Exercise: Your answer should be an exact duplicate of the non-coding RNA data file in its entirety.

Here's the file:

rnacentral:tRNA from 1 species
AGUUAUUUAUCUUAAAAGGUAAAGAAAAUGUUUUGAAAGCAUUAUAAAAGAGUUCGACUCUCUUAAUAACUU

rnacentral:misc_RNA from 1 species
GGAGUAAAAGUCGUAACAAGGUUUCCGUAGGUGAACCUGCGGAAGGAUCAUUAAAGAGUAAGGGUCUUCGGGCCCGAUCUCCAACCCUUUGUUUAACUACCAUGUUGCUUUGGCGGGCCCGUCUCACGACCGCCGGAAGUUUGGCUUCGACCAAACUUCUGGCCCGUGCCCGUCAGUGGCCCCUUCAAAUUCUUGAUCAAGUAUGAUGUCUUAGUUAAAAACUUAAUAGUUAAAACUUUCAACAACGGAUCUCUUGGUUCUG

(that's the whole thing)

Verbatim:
rnacentral:tRNA from 1 species
AGUUAUUUAUCUUAAAAGGUAAAGAAAAUGUUUUGAAAGCAUUAUAAAAGAGUUCGACUCUCUUAAUAACUU

rnacentral:misc_RNA from 1 species
GGAGUAAAAGUCGUAACAAGGUUUCCGUAGGUGAACCUGCGGAAGGAUCAUUAAAGAGUAAGGGUCUUCGGGCCCGAUCUCCAACCCUUUGUUUAACUACCAUGUUGCUUUGGCGGGCCCGUCUCACGACCGCCGGAAGUUUGGCUUCGACCAAACUUCUGGCCCGUGCCCGUCAGUGGCCCCUUCAAAUUCUUGAUCAAGUAUGAUGUCUUAGUUAAAAACUUAAUAGUUAAAACUUUCAACAACGGAUCUCUUGGUUCUG